My first day in drop-in was Edie’s first day too! She didn’t want to talk to anyone – just curl up and put her head down. Over time, she began to relax. She loved to snuggle down and watch a film after a tasty hot meal. She even started meeting me outside drop-in and got involved in doing some training.
But her life was in chaos. She’d be staying with various people, often dangerous men. Being kidnapped and sexually exploited wasn’t uncommon but it had become normal to her. Then from time to time she’d disappear only for me to find her again, sleeping rough.
The way emergency housing is allocated very quickly and suddenly can be difficult for women who need it but aren’t ready. Making the system work for women in crisis is essential and this is what’s so good about the new housing role that we’re getting.
When a room in supported housing did become available, I worked with agencies to keep it open for as long as Edie needed to get herself ready. She was used to being homeless and the change was terrifying. Not only because of being around other people but also the awful fear of failure, of getting kicked out and letting people down.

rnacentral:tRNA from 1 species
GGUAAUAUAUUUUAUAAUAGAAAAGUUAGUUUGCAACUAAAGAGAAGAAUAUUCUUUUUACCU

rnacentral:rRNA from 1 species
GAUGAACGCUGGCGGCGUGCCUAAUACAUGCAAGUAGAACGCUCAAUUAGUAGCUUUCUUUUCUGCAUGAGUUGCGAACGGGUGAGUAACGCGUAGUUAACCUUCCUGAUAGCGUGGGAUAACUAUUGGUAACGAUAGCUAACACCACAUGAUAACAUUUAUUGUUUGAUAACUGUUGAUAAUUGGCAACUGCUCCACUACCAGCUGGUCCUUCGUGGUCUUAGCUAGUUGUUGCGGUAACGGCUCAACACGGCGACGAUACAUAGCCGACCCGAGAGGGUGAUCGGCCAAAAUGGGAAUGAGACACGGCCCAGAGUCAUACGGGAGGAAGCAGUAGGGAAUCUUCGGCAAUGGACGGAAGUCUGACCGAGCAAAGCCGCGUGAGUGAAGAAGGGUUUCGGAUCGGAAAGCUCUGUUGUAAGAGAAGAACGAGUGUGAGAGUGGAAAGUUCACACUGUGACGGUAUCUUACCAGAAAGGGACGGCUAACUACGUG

It’s so important to be person-centred in our work. I tried to help Edie think about how she could make the room feel like it was hers. By getting her some belongings of her own that she could keep in the room, she felt more that it belonged to her, that she was safe there, that she had the right to be there.
Edie’s been in her room for a good while now. The staff and other residents all love her. She’s doing really well on a script which means she’s not working the streets for her or anyone else’s addiction. Her confidence has grown massively, she’s happily meeting us and other services and is hoping to progress to independent housing.
Edie’s world was marked by danger – drop-in was one of the first spaces she’d ever felt safe. Now she’s got her own safe place, her whole life’s turned around.